, , , , , ,

Part 14

Jessica Kinkaid had been locked below ground for so long she was blinded by the sunlight of the surface. They had forced her to change into a beautiful red evening gown and she stumbled in the tall heels on her feet. Before she could hit the ground she was caught by her two massive female guards. Since her capture by the machine men, the two guards had not left her side. They fed her meals, forced her into the clothes her captor wanted her to wear, they even restrained her at night and drugged her so that she slept. Everything had to be perfect, they kept saying, everything had to be perfect for the Professor.

The Professor stood next to a massive door in the ground, speaking with two men that appeared to be very old scientists. They were small in stature and dark skinned, perhaps Indian or Arabic. When Professor Irons saw her coming he beamed, a lecherous grin spreading across his grizzled old face.

“Ms. Kinkaid! You look marvelous, dear. Simply marvelous.”

The Professor threw his metal hands into the air and then clapped them together in joy. The guards shoved Jessica toward him and she toppled over, falling to her knees.

“Careful!” Irons shouted at the butch women, “If you damage her, you’ll pay!” He held out his hand to Jessica but she recoiled from him, so he grabbed her roughly by the wrist.

“Let go!” she screamed but the Professor only leaned in closer. His metallic voice horrified her and she pulled with all her might, but she could not break the grip of his metal fingers.

“Pretty girl, why make this difficult for yourself? I can easily bring you with me in a box, my dear.”

When Jessica realized what he was implying she stopped fighting and let him help her to her feet. Although she appeared to be calm, her eyes blazed with fury.

“There, that is much better isn’t it?” The Professor asked. He placed a hand on her chin and she could not hide the revulsion on her face at his ice cold touch.

Taking her by the arm he pulled her back away from the metal hatch on the floor. The two men with him quickly scurried to either side and the sound of a massive machine began to whir and grind somewhere deep below ground. The monstrous door began to retract slowly, pulling back into the floor beneath them, revealing a huge hole deep into the foundry. Something large and white began to rise from the hangar and Jessica recognized it; it was a massive balloon.

Slowly the balloon lifted into the air and the ship beneath it became visible. The Professor’s men rushed around the hangar, opening the roof of the warehouse with a series of pulleys and levers so that the balloon could continue to rise into the air. Even in her anger Jessica had to admire the beauty and craftsmanship of the vehicle. While the balloon was very basic and plain, the ship itself was a work of true art. The ship was a hundred and forty five feet long and twenty feet wide. While it appeared to be wood, it was not; the ship was made of lightweight steel with wooden decorative panelling. There was a massive exhaust on the back, and the ship had a thick plastic canopy. Whatever it was for, it was not for sailing on the seas.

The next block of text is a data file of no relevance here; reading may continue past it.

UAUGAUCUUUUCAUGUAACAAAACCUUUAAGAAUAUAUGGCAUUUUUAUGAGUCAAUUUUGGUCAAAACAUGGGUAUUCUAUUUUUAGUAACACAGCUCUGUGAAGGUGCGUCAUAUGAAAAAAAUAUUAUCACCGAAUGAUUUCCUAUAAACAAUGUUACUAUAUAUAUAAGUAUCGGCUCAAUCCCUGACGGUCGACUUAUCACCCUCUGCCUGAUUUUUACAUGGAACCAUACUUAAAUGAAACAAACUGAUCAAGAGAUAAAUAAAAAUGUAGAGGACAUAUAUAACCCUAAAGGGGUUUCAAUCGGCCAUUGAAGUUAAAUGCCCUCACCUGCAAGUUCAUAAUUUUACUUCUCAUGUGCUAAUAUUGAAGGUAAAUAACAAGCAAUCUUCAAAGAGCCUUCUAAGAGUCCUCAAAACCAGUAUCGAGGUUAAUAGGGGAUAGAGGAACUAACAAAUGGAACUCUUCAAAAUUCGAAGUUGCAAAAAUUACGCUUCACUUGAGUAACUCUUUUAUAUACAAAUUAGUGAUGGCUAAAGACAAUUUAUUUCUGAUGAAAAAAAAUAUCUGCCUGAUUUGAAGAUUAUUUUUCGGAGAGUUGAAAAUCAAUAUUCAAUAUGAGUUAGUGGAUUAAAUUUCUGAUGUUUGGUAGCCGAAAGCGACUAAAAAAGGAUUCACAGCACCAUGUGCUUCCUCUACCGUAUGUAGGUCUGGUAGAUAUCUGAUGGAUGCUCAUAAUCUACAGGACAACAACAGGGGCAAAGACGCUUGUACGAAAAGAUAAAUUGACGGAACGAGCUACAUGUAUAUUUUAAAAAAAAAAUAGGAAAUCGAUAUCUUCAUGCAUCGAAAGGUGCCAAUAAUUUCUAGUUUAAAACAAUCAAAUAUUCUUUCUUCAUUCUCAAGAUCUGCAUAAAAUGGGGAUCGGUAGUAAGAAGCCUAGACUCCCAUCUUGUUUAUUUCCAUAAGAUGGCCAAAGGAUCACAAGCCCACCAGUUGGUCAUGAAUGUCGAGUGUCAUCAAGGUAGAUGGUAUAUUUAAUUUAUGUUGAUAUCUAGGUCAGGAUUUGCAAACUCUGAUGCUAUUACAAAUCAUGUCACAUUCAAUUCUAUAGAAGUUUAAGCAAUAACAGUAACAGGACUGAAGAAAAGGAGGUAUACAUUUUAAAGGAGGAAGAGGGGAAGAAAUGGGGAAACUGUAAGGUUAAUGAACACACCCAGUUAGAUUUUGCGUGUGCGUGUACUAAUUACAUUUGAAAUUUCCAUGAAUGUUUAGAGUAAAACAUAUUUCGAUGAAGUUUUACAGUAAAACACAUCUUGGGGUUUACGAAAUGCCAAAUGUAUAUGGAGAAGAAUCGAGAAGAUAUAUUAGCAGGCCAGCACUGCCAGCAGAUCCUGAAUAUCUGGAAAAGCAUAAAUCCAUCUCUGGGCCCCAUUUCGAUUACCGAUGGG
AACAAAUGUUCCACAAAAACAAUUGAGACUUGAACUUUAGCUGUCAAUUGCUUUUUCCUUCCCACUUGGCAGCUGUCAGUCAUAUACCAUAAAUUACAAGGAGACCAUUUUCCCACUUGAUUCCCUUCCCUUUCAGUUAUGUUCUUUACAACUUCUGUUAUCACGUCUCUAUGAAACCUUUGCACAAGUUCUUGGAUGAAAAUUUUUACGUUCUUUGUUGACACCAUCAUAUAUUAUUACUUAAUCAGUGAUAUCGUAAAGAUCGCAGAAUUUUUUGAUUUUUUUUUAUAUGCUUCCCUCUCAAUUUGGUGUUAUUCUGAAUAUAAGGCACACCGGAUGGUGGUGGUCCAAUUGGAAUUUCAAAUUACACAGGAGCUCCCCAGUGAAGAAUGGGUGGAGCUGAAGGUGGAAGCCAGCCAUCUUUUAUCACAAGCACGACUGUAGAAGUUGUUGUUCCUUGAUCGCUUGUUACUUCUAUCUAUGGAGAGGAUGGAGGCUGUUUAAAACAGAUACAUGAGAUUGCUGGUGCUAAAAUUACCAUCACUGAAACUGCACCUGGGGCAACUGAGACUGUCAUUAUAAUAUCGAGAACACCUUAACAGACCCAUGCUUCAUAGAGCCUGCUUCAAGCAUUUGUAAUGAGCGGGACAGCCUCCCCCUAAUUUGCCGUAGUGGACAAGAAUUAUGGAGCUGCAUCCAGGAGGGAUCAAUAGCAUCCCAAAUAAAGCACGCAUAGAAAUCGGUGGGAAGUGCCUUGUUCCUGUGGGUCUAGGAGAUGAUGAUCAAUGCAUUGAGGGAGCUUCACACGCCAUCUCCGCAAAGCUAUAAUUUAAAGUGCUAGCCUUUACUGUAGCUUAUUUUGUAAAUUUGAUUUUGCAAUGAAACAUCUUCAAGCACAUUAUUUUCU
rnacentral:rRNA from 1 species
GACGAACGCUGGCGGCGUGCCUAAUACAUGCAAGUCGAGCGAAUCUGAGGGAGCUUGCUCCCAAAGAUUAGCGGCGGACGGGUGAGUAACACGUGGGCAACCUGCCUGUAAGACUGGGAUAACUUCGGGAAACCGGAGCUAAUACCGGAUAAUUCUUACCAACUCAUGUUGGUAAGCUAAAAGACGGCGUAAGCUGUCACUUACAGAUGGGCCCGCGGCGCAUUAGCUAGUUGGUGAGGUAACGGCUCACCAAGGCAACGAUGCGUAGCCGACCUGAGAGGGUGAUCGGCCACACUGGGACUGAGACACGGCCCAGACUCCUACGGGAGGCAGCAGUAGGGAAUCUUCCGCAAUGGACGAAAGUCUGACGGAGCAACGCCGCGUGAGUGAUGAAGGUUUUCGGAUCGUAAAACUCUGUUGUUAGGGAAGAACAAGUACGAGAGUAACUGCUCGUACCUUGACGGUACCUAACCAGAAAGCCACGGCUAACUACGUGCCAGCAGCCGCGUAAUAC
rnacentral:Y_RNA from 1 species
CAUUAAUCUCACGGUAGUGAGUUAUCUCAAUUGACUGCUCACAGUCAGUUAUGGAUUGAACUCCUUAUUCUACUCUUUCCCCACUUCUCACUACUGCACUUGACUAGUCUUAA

“Behold!” Professor Irons shouted, his metal support frame creaking as he threw his hands in the air, “the RA!”

On the front of the ship was a massive ankh and elaborately carved hieroglyphics ran along the top and bottom of the ships frame.

“The ancient Egyptians were a wise people,” Irons rasped, “who truly understood how thin the barrier between life and death truly is.”

Irons motioned for the two female guards and they took Jessica by the upper arms.

“Take her aboard. It is time for me to get dressed as well.” The guards nodded and the two scientists waved toward a group of workers waiting off to the side. The men ran over with a massive crate, dropping it in front of the Professor. Irons smashed the lid with a metal fist and tossed the splintered wood aside easily. Inside the chest was a strange breathing apparatus; a sealed helmet similar to a diving suit as well as fabric very similar to that used to construct the balloon. The scientists directed the men, furiously berating them to hurry but Irons shook his head.

“Take your time. We don’t want to make a mistake now, when I am so close! This suit will serve as a canopic jar, preserving my body for the afterlife. The ancient Pharoah’s would see in me an equal. A king among men.”

“A mad man.” A deep voice growled. It had come from somewhere inside the hangar. Professor Irons turned from side to side, his men loading their weapons.

“Is this what this was about? A funeral barge?” The voice echoed off the walls of the hanger and the guards searched frantically for the Spider hidden somewhere within.

“Are you so greedy you have to take your wealth with you, Professor?”

“Come out, Spider!” Irons shouted. “This is not a funeral barge! This is a rocket to the stars!”

“This is quite possibly the most insane thing I’ve ever heard. You’ll have to explain it to me.” The Spider shouted.

“Come out and I will.” Irons replied.

Suddenly the Spider strode confidently into the hangar, his hands in the air. Where he had come from it was impossible to tell, perhaps from deep below where the ship had been docked. Perhaps he’d been hiding in the hangar all along. The guards wasted no time in surrounding him.

“You should have run, vigilante! You’ve fallen back into my hands.” Iron said joyously.

“Oh I wouldn’t want to miss this for the world.”